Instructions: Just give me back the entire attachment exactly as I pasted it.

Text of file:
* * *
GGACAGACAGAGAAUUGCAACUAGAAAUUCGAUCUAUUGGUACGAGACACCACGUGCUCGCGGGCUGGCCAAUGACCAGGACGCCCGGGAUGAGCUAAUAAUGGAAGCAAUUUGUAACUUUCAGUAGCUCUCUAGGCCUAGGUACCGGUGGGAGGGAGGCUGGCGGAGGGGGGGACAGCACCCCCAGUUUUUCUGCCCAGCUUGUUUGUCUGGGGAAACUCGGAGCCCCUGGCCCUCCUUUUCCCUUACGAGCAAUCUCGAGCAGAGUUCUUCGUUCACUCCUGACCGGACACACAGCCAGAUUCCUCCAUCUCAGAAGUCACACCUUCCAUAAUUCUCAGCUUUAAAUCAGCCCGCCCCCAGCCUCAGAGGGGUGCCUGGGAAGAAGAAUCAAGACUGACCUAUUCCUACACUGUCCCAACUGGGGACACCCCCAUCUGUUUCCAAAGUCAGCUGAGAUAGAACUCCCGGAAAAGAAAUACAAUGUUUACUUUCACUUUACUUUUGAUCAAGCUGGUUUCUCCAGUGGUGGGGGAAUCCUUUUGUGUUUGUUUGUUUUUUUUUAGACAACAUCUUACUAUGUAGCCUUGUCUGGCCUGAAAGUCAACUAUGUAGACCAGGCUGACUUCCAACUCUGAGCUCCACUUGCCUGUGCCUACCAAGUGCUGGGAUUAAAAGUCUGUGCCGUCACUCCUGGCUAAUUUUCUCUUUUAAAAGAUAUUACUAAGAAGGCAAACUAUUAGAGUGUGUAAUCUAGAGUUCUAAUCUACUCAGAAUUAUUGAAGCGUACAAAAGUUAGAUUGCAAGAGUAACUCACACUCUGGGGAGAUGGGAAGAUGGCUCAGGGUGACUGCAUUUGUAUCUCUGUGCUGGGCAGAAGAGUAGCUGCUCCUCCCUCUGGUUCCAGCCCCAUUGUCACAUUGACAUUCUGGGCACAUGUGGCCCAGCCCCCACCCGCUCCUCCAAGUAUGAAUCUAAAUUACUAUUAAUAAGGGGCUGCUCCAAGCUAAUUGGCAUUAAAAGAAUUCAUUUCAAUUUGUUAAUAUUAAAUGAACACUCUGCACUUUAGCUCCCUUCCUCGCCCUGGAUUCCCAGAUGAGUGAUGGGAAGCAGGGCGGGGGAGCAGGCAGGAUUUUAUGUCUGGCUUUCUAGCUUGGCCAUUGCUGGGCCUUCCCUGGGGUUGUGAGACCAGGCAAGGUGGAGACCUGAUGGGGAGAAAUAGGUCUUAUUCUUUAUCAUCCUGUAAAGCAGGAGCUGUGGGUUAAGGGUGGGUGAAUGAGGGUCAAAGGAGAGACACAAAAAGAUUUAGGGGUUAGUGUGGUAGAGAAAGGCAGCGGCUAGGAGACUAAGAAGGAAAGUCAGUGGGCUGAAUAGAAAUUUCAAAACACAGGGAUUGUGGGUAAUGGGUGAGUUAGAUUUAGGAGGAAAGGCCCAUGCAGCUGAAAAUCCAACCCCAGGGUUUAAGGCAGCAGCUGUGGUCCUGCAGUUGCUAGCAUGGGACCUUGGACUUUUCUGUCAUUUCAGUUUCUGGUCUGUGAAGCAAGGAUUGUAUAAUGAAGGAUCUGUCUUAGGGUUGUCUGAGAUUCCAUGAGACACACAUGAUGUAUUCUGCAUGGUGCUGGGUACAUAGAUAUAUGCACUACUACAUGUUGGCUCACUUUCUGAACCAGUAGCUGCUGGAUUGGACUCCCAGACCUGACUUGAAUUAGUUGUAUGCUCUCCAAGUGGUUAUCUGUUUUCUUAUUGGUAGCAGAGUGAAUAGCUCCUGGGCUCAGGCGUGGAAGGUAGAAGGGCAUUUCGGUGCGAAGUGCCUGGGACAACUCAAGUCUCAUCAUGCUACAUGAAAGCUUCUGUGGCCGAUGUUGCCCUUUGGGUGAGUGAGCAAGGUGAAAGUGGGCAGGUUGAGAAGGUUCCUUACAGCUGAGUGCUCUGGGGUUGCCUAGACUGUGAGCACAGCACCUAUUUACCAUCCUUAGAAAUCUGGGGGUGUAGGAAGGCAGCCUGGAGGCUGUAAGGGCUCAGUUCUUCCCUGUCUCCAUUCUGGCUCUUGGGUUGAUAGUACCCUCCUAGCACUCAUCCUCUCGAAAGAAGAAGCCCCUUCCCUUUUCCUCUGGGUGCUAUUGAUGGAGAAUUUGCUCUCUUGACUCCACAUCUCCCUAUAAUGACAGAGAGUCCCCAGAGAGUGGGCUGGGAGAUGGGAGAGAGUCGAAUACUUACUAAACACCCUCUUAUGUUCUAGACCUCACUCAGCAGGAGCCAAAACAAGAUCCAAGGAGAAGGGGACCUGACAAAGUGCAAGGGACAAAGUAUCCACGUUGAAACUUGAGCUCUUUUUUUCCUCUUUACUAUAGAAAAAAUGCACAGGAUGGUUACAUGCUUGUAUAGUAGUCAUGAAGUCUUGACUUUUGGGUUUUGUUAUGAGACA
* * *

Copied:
GGACAGACAGAGAAUUGCAACUAGAAAUUCGAUCUAUUGGUACGAGACACCACGUGCUCGCGGGCUGGCCAAUGACCAGGACGCCCGGGAUGAGCUAAUAAUGGAAGCAAUUUGUAACUUUCAGUAGCUCUCUAGGCCUAGGUACCGGUGGGAGGGAGGCUGGCGGAGGGGGGGACAGCACCCCCAGUUUUUCUGCCCAGCUUGUUUGUCUGGGGAAACUCGGAGCCCCUGGCCCUCCUUUUCCCUUACGAGCAAUCUCGAGCAGAGUUCUUCGUUCACUCCUGACCGGACACACAGCCAGAUUCCUCCAUCUCAGAAGUCACACCUUCCAUAAUUCUCAGCUUUAAAUCAGCCCGCCCCCAGCCUCAGAGGGGUGCCUGGGAAGAAGAAUCAAGACUGACCUAUUCCUACACUGUCCCAACUGGGGACACCCCCAUCUGUUUCCAAAGUCAGCUGAGAUAGAACUCCCGGAAAAGAAAUACAAUGUUUACUUUCACUUUACUUUUGAUCAAGCUGGUUUCUCCAGUGGUGGGGGAAUCCUUUUGUGUUUGUUUGUUUUUUUUUAGACAACAUCUUACUAUGUAGCCUUGUCUGGCCUGAAAGUCAACUAUGUAGACCAGGCUGACUUCCAACUCUGAGCUCCACUUGCCUGUGCCUACCAAGUGCUGGGAUUAAAAGUCUGUGCCGUCACUCCUGGCUAAUUUUCUCUUUUAAAAGAUAUUACUAAGAAGGCAAACUAUUAGAGUGUGUAAUCUAGAGUUCUAAUCUACUCAGAAUUAUUGAAGCGUACAAAAGUUAGAUUGCAAGAGUAACUCACACUCUGGGGAGAUGGGAAGAUGGCUCAGGGUGACUGCAUUUGUAUCUCUGUGCUGGGCAGAAGAGUAGCUGCUCCUCCCUCUGGUUCCAGCCCCAUUGUCACAUUGACAUUCUGGGCACAUGUGGCCCAGCCCCCACCCGCUCCUCCAAGUAUGAAUCUAAAUUACUAUUAAUAAGGGGCUGCUCCAAGCUAAUUGGCAUUAAAAGAAUUCAUUUCAAUUUGUUAAUAUUAAAUGAACACUCUGCACUUUAGCUCCCUUCCUCGCCCUGGAUUCCCAGAUGAGUGAUGGGAAGCAGGGCGGGGGAGCAGGCAGGAUUUUAUGUCUGGCUUUCUAGCUUGGCCAUUGCUGGGCCUUCCCUGGGGUUGUGAGACCAGGCAAGGUGGAGACCUGAUGGGGAGAAAUAGGUCUUAUUCUUUAUCAUCCUGUAAAGCAGGAGCUGUGGGUUAAGGGUGGGUGAAUGAGGGUCAAAGGAGAGACACAAAAAGAUUUAGGGGUUAGUGUGGUAGAGAAAGGCAGCGGCUAGGAGACUAAGAAGGAAAGUCAGUGGGCUGAAUAGAAAUUUCAAAACACAGGGAUUGUGGGUAAUGGGUGAGUUAGAUUUAGGAGGAAAGGCCCAUGCAGCUGAAAAUCCAACCCCAGGGUUUAAGGCAGCAGCUGUGGUCCUGCAGUUGCUAGCAUGGGACCUUGGACUUUUCUGUCAUUUCAGUUUCUGGUCUGUGAAGCAAGGAUUGUAUAAUGAAGGAUCUGUCUUAGGGUUGUCUGAGAUUCCAUGAGACACACAUGAUGUAUUCUGCAUGGUGCUGGGUACAUAGAUAUAUGCACUACUACAUGUUGGCUCACUUUCUGAACCAGUAGCUGCUGGAUUGGACUCCCAGACCUGACUUGAAUUAGUUGUAUGCUCUCCAAGUGGUUAUCUGUUUUCUUAUUGGUAGCAGAGUGAAUAGCUCCUGGGCUCAGGCGUGGAAGGUAGAAGGGCAUUUCGGUGCGAAGUGCCUGGGACAACUCAAGUCUCAUCAUGCUACAUGAAAGCUUCUGUGGCCGAUGUUGCCCUUUGGGUGAGUGAGCAAGGUGAAAGUGGGCAGGUUGAGAAGGUUCCUUACAGCUGAGUGCUCUGGGGUUGCCUAGACUGUGAGCACAGCACCUAUUUACCAUCCUUAGAAAUCUGGGGGUGUAGGAAGGCAGCCUGGAGGCUGUAAGGGCUCAGUUCUUCCCUGUCUCCAUUCUGGCUCUUGGGUUGAUAGUACCCUCCUAGCACUCAUCCUCUCGAAAGAAGAAGCCCCUUCCCUUUUCCUCUGGGUGCUAUUGAUGGAGAAUUUGCUCUCUUGACUCCACAUCUCCCUAUAAUGACAGAGAGUCCCCAGAGAGUGGGCUGGGAGAUGGGAGAGAGUCGAAUACUUACUAAACACCCUCUUAUGUUCUAGACCUCACUCAGCAGGAGCCAAAACAAGAUCCAAGGAGAAGGGGACCUGACAAAGUGCAAGGGACAAAGUAUCCACGUUGAAACUUGAGCUCUUUUUUUCCUCUUUACUAUAGAAAAAAUGCACAGGAUGGUUACAUGCUUGUAUAGUAGUCAUGAAGUCUUGACUUUUGGGUUUUGUUAUGAGACA